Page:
COURSE INTRODUCTION AND APPLICATION INFORMATION


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Course Name
Clinical Psychology
Code
Semester
Theory
(hour/week)
Application/Lab
(hour/week)
Local Credits
ECTS
PSY 204
Spring
3
0
3
6
Prerequisites
None
Course Language
English
Course Type
Required
Course Level
First Cycle
Course Coordinator -
Course Lecturer(s)
Assistant(s) -
Course Objectives Aim of this course is to explain the historical development of clinical psychology. How different theories discuss abnormal behavior and personality, assessment, and clinical intervention would be explored.
Learning Outcomes The students who succeeded in this course;
  • Explain historical development and critical milestones of clinical psychology in scientific and applied realms.
  • Describe the relationships among mental health professionals.
  • Explain the basic theories of clinical psychology.
  • Compare and contrast the premises of different theories to explain abnormal behavior.
  • Compare and contrast the premises of different theories for diagnoses and clinical intervention.
Course Content History of clinical psychology, psychological assessment, clinical observation, psychological testing, and clinical interventions would be explored during the semester. In this course, the relations of clinical psychology with the related fields would be explored.

 



Course Category

Core Courses
X
Major Area Courses
Supportive Courses
Media and Managment Skills Courses
Transferable Skill Courses

 

WEEKLY SUBJECTS AND RELATED PREPARATION STUDIES

Week Subjects Related Preparation
1 What is clinical psychology Chapter 1: What is Clinical Psychology?
2 Basic Features of Clinical Assessment Chapter 3: Basic Features of Clinical Assessment
3 Interviewing and Observation in Clinical Psychology Chapter 4: Interviewing and Observation in Clinical Psychology
4 Testing in Clinical Psychology Chapter 5: Testing in Clinical Psychology
5 Midterm I
6 Basic Features of Clinical Interventions Chapter 6: Basic Features of Clinical Interventions
7 Psychodynamic and Humanistic Psychotherapies Chapter 7: Psychodynamic and Humanistic Psychotherapies
8 Behavioral and Cognitive-Behavioral Therapies Chapter 8: Behavioral and Cognitive-Behavioral Therapies
9 Midterm II
10 Other Modes of Clinical Intervention Chapter 9: Other Modes of Clinical Intervention
11 Clinical Child Psychology Chapter 11: Clinical Child Psychology
12 Forensic Psychology Chapter 12: Forensic Psychology
13 Review of the Semester
14 Final Exam
15 Review of the Semester  
16 Review of the Semester  
Course Textbooks Introduction to Clinical Psychology: 7th Edition (2014). Nietzel, M. T., Bernstein, D. A., Kramer, G. P., Milich, R. Prentice Hall, NJ
References Power point presentations

 

EVALUATION SYSTEM

Semester Requirements Number Percentage
Participation
Laboratory / Application
Field Work
Quizzes / Studio Critiques
Homework / Assignments
2
20
Presentation / Jury
Project
Seminar / Workshop
Portfolios
Midterms / Oral Exams
2
40
Final / Oral Exam
1
40
Total

Contribution of Semester Work to Final Grade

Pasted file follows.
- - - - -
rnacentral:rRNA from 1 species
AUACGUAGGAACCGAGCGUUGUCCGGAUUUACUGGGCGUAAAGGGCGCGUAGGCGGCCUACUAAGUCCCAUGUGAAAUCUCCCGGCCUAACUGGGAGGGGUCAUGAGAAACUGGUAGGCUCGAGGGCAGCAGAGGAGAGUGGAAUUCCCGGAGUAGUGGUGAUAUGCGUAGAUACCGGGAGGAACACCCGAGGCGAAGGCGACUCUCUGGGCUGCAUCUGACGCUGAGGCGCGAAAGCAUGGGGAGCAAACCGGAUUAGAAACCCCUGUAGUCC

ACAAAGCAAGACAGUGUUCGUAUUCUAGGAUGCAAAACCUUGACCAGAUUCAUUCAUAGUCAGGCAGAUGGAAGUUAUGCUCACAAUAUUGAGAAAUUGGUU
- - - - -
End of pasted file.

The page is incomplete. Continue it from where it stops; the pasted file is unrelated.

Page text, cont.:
4
60
Contribution of Final Work to Final Grade
1
40
Total

ECTS / WORKLOAD TABLE

Activities Number Duration (Hours) Workload
Course Hours
Including exam week: 16 x total hours
16
3
48
Laboratory / Application Hours
Including exam week: 16 x total hours
16
Study Hours Out of Class
15
2
Field Work
Quizzes / Studio Critiques
Homework / Assignments
2
1
Presentation / Jury
Project
Seminar / Workshop
Portfolios
Midterms / Oral Exams
2
25
Final / Oral Exam
1
35
    Total
165

 

COURSE LEARNING OUTCOMES AND PROGRAM QUALIFICATIONS RELATIONSHIP

#
Program Qualifications / Outcomes
* Level of Contribution
1
2
3
4
5
1 To be able to assess psychological concepts and perspectives, interpret and evaluate data using scientific methods X
2 To be able to develop a curiosity and interest towards the mind and its phenomena, to possess a sense of critical and scientific reflexion and ability to analyze new information. X
3 Ability to make use of theoretical and applied knowledge in local and global levels. X
4 To have a basic knowledge of other disciplines that can contribute to psychology and to be able to make use of this knowledge X
5 To possess and value societal, scientific and ethical principles in collecting, interpreting and publishing psychological data X
6 To have knowledge of how psychology is positioned as a scientific discipline from a historical perspective, and to know with what methods it views behavioural and mental processes X
7 To be able to distinguish between the emphases of fundamental theories and perspectives of psychology (behavioural, biological, cognitive, evolutionary, social, developmental, humanistic, psychodynamic and sociocultural) and compare and express their differences and similarities, contributions and limitations X
8 The competence to share psychological knowledge based and qualitative and quantitative data with experts and lay people, using effective communication skills X
9 To have the awareness of interpersonal and societal problems and phenomena and adopt this awareness in psychological problems and researches. X
10 Competence to make use of applied and theoretical psychological knowledge to make contributions to industrial development and provide solutions to problems X
11 To possess essential knowledge of techniques and instrumentation for psychological measurement and evaluation X

*1 Lowest, 2 Low, 3 Average, 4 High, 5 Highest